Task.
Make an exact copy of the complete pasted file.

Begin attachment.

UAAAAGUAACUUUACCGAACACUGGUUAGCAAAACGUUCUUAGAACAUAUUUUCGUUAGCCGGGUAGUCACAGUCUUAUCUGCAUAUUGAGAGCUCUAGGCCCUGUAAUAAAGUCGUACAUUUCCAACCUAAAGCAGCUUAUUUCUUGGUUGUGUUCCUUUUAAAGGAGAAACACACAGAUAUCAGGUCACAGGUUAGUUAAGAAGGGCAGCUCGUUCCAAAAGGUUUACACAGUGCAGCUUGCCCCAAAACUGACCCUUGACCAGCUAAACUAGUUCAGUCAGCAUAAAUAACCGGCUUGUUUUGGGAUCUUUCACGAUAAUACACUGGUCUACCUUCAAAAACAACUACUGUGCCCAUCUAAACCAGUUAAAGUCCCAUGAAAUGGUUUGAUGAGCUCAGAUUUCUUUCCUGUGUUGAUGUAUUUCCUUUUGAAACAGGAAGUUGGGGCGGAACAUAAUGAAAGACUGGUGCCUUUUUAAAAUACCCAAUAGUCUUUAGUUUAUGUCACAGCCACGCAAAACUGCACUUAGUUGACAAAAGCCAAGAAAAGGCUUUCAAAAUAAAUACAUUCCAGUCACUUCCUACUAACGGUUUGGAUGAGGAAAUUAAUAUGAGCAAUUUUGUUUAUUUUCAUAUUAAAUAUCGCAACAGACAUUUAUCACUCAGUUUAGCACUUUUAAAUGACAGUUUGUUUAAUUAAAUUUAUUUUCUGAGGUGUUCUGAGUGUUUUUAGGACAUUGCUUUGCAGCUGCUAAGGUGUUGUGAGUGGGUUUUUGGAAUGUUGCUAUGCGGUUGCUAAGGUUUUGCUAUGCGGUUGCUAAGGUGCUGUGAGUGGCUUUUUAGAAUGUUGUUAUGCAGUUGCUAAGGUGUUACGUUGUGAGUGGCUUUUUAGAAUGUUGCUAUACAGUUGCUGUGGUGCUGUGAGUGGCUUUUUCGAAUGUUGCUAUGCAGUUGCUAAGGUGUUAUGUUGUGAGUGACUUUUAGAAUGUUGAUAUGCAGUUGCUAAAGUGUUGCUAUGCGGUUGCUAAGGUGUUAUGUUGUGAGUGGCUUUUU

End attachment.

UAAAAGUAACUUUACCGAACACUGGUUAGCAAAACGUUCUUAGAACAUAUUUUCGUUAGCCGGGUAGUCACAGUCUUAUCUGCAUAUUGAGAGCUCUAGGCCCUGUAAUAAAGUCGUACAUUUCCAACCUAAAGCAGCUUAUUUCUUGGUUGUGUUCCUUUUAAAGGAGAAACACACAGAUAUCAGGUCACAGGUUAGUUAAGAAGGGCAGCUCGUUCCAAAAGGUUUACACAGUGCAGCUUGCCCCAAAACUGACCCUUGACCAGCUAAACUAGUUCAGUCAGCAUAAAUAACCGGCUUGUUUUGGGAUCUUUCACGAUAAUACACUGGUCUACCUUCAAAAACAACUACUGUGCCCAUCUAAACCAGUUAAAGUCCCAUGAAAUGGUUUGAUGAGCUCAGAUUUCUUUCCUGUGUUGAUGUAUUUCCUUUUGAAACAGGAAGUUGGGGCGGAACAUAAUGAAAGACUGGUGCCUUUUUAAAAUACCCAAUAGUCUUUAGUUUAUGUCACAGCCACGCAAAACUGCACUUAGUUGACAAAAGCCAAGAAAAGGCUUUCAAAAUAAAUACAUUCCAGUCACUUCCUACUAACGGUUUGGAUGAGGAAAUUAAUAUGAGCAAUUUUGUUUAUUUUCAUAUUAAAUAUCGCAACAGACAUUUAUCACUCAGUUUAGCACUUUUAAAUGACAGUUUGUUUAAUUAAAUUUAUUUUCUGAGGUGUUCUGAGUGUUUUUAGGACAUUGCUUUGCAGCUGCUAAGGUGUUGUGAGUGGGUUUUUGGAAUGUUGCUAUGCGGUUGCUAAGGUUUUGCUAUGCGGUUGCUAAGGUGCUGUGAGUGGCUUUUUAGAAUGUUGUUAUGCAGUUGCUAAGGUGUUACGUUGUGAGUGGCUUUUUAGAAUGUUGCUAUACAGUUGCUGUGGUGCUGUGAGUGGCUUUUUCGAAUGUUGCUAUGCAGUUGCUAAGGUGUUAUGUUGUGAGUGACUUUUAGAAUGUUGAUAUGCAGUUGCUAAAGUGUUGCUAUGCGGUUGCUAAGGUGUUAUGUUGUGAGUGGCUUUUU